19: Marissa Ng

19: Marissa Ng WOE.BEGONE

SUMMARY:

Who’s up for an all-nighter?

TRANSCRIPT:

[Hey guys, Mike Patreon here to tell you about Patreon. Patreon is where patrons and get Patreon stuff. Like soundtracks to episodes. Go to patreon.com/woe_begone to learn more. At $100/mo I’m launching a patreon exclusive spinoff, The Diary of Aliza Schultz. Thanks to my 10 newest patrons: Tracy, Chris McDaniel, Harvey Jane, Kevin Berrey, Clever Hobo, Catherine Draper, goodoldev, Toasty warm hamster, Daniel Jenkins, and SR Jenkins. Enjoy the show.]

Is there a point to anything? I don’t mean WOE.BEGONE. Clearly some choices within WOE.BEGONE are done flippantly and without reason. There is no reason to structure this cruel time travel technology project in the form of a game, for instance. It’s an aesthetic choice that someone made based on a whim. It could just as easily have taken the aesthetic form of a widespread blackmailing scheme that didn’t have a punchy name or a consistent set of internal rules. There is clearly no point to some things.

What I am asking is different. Is there a point to anything at all? Sort of a stoner philosophy question, but I think it’s important to pick part in this situation. As far as I’m concerned, we live in a universe that is equally uncaring and large far past the point of human comprehension. I took Geology 101 in college and our professor told us in a lecture once that knowing the perspective of being one person on Earth, much less in the entire universe, was so profoundly shrinking to the human ego that it didn’t make sense to care whether or not we passed his class. His class was incredibly easy since it accommodated non-majors, but I appreciate the sentiment. These universe-sized systems exist so high above our ability to process them that any individual can’t help but be insignificant in the face of them. Doing something with purpose doesn’t matter because we are much too small to affect actual change. This isn’t an argument against activism or empathy or whatever. It’s just that the whole of the history of mankind will be just a blip in a history of the Earth and of the universe, a history that no one will ever be able to experience or read.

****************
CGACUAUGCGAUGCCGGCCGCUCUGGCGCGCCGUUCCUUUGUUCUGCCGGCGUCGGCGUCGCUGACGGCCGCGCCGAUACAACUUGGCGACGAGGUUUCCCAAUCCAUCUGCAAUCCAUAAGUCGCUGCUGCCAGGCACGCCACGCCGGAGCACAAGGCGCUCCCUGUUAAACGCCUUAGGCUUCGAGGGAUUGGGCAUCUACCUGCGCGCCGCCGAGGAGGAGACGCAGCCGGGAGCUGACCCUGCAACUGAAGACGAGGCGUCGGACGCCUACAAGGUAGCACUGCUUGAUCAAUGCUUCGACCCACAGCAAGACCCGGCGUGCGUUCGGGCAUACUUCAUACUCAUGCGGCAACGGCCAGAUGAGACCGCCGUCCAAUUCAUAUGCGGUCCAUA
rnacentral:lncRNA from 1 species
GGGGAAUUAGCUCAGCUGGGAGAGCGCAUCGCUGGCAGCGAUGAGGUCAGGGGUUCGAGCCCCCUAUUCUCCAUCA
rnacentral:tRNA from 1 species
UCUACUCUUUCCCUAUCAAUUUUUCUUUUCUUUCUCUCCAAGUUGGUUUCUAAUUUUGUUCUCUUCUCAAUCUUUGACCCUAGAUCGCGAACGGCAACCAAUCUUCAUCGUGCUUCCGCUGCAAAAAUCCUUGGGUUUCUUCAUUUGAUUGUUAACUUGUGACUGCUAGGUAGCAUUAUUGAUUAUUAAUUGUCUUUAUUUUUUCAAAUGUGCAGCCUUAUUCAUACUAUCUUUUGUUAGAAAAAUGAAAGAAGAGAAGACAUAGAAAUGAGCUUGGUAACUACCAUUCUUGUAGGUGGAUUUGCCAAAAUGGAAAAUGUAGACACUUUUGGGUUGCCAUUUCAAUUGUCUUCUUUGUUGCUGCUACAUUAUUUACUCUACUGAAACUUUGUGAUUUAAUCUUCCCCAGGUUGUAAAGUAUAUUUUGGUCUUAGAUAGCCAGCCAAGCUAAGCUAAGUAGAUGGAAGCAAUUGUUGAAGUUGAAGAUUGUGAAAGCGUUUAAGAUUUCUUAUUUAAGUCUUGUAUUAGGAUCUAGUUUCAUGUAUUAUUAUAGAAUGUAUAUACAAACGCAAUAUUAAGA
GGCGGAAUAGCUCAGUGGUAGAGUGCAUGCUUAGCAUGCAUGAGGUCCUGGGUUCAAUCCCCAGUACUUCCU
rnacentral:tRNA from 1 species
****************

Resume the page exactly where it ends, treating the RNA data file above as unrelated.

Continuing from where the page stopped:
Can a person or team of people create a system that massive? A system so vast that it ceases to make sense to question whether or not it has a purpose? Is WOE.BEGONE like that? It is hard to sit here in 2021 and think about how truly WOE.BEGONE extends forwards and backwards through time. In the first ever time travel novel, The Time Machine, they travel to 802,701AD. While my imagination won’t allow me to grasp what a future that distant could possibly look like, WOE.BEGONE must be in it, because WOE.BEGONE exists without regard for time. If it exists now, then I don’t see how it could ever be truly destroyed. If it were destroyed in the future or in the past, it could be replaced from the present. If it was destroyed in the present, it could be replaced from the future or the past.

As much as I would like a trite explanation for why things are happening to me in the way that they are happening to me, I am going to need to accept that there isn’t an explanation. WOE.BEGONE is a giant machine engineered and operated by people. These people have goals. Those goals aren’t clear or consistent. WOE.BEGONE is bigger than all of us put together. I’m dicking around in Oldbrush Valley trying to bring small, understandable morsels of information to the gamerunners and hopefully horde some of them just for me. The result is mostly brutality and pain so far.

Maybe I’m just being crabby because my back and arm still hurt. This is WOE.BEGONE.

[Intro theme plays.]

Hi guys. It’s me, Mike Walters. You might remember me from being the bear that Marissa Ng shot in episode 18. The asinine nature of this shooting haunts me to this day, which isn’t that many days since the incident, though I expect it to last for many more. Something about being lied to, manipulated, and then getting shot after tripping over a garbage can leaves a bad taste in my mouth. I’m being smarmy, but the truth is that it was a lot of trauma to work through all at once and I haven’t been the same since. It has taken a toll on my morale.

I’m going to be a bit of a bummer here, but it’s important to let you in on what sort of mindset I had after the Bear-themed incidents. I am in a lot of pain. I think this is the first time since I started playing the game that the pain-inducing aspects of the game have been allowed to stick around after the fact. Cutting off my arm was painful and difficult– it actually killed me– but that pain was over as soon as I passed the challenge. Neither the bear attack nor the gunshot wound got undone as a reward for a job well done. To be fair, neither of the jobs that precipitated these attacks were well done at all. For the first one, I failed to walk up to a doorknob and touch it and for the second one, I bumbled my way through pretending to be a gamerunner and tripped over a trashcan in the past while trying to complete the challenge. If anything, these wounds are a cruel punishment for not meeting the gamerunners’ high expectations.